Negative perceptions of social protection transfers continue to influence national and international anti-poverty agendas. Most of the concerns raised are based on misconceptions. This briefing outlines evidence that demolishes some of the myths concerning social protection. Social protection can be affordable, even in poor countries, and can be financed sustainably in the medium-term. In the short-term predictable donor resources are needed in many countries. Social protection can both alleviate and enable people to escape poverty as transfers are invested in productive activities, human development and improving nutrition - the extent to which they can achieve this depends on the size of the transfer and on programme design. There is very little evidence that they promote 'dependency' in poor countries. Whether and how social protection should be targeted depends on the nature of poverty and specific social and political circumstances; targeting can increase the proportion of resources reaching the chronically poor, but it can also exclude them; in some contexts, targeted programmes may have most political support; elsewhere universal programmes create important social solidarity and support for social protection. Potential misuse of social protection transfers can be avoided by delivering benefits through trusted institutions, ensuring recipients are informed of their entitlements, creating strong oversight mechanisms and minimising opportunities for corruption.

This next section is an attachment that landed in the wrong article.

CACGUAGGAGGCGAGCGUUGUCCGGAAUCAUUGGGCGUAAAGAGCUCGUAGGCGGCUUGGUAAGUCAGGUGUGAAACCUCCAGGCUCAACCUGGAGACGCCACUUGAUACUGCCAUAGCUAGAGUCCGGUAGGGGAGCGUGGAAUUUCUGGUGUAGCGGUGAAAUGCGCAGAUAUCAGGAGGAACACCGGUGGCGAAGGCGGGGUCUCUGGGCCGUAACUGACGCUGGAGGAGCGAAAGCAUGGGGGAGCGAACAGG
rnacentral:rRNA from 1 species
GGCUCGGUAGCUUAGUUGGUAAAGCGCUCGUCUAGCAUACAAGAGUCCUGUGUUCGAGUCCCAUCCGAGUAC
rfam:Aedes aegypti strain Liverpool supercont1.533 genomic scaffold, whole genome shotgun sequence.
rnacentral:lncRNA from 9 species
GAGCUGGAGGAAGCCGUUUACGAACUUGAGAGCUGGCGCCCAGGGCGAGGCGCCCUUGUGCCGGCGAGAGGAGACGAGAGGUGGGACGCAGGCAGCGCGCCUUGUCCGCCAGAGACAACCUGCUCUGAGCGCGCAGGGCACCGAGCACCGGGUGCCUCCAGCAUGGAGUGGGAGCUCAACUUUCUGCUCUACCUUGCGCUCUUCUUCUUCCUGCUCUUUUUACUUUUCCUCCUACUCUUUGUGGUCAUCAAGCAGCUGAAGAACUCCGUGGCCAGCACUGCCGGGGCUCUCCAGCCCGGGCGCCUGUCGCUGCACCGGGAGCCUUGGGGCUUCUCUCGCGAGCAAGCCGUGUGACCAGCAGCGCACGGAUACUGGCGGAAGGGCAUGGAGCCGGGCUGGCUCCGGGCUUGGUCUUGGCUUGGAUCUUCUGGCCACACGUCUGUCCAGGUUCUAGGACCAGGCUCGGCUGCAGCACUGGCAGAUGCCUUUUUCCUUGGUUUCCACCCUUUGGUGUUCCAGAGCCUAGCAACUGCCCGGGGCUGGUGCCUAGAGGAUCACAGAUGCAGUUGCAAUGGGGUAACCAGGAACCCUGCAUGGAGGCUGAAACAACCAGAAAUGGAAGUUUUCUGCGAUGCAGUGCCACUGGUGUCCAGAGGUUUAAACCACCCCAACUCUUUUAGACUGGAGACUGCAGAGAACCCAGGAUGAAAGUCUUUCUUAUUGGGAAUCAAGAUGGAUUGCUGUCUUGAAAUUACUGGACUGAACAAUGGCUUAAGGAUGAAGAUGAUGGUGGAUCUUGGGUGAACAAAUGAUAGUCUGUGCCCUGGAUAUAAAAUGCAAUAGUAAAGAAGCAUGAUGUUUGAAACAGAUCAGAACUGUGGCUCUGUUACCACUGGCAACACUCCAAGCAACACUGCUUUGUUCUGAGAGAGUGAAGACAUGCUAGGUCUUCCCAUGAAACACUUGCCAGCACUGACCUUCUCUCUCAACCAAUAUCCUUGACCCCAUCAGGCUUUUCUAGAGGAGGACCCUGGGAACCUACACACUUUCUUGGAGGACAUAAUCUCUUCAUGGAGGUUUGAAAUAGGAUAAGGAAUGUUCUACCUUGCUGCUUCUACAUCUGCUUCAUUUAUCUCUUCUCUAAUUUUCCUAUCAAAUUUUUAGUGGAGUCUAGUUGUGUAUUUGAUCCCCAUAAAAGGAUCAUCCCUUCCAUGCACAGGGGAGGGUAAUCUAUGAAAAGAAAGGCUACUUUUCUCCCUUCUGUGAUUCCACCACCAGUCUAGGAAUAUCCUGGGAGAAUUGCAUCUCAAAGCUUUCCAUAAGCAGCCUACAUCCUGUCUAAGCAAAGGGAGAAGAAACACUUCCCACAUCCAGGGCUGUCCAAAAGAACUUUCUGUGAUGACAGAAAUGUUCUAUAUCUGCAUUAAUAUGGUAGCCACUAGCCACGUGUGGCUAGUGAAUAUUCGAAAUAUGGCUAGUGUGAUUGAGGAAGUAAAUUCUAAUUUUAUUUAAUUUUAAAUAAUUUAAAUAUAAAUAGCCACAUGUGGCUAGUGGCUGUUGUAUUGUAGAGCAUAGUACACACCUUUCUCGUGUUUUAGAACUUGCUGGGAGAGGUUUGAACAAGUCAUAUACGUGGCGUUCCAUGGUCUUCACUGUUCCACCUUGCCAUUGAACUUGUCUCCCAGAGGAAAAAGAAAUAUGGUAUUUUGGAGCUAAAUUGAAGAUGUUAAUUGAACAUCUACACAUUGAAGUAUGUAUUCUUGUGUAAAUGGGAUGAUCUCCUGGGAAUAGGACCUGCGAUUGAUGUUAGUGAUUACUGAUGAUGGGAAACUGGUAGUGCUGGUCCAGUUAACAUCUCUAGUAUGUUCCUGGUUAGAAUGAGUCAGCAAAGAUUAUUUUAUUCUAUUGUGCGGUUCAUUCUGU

CPRC Policy Brief No.3, Chronic Poverty Research Centre, London, UK, 6 pp.
Tackling obstacles to social protection for chronically poor people.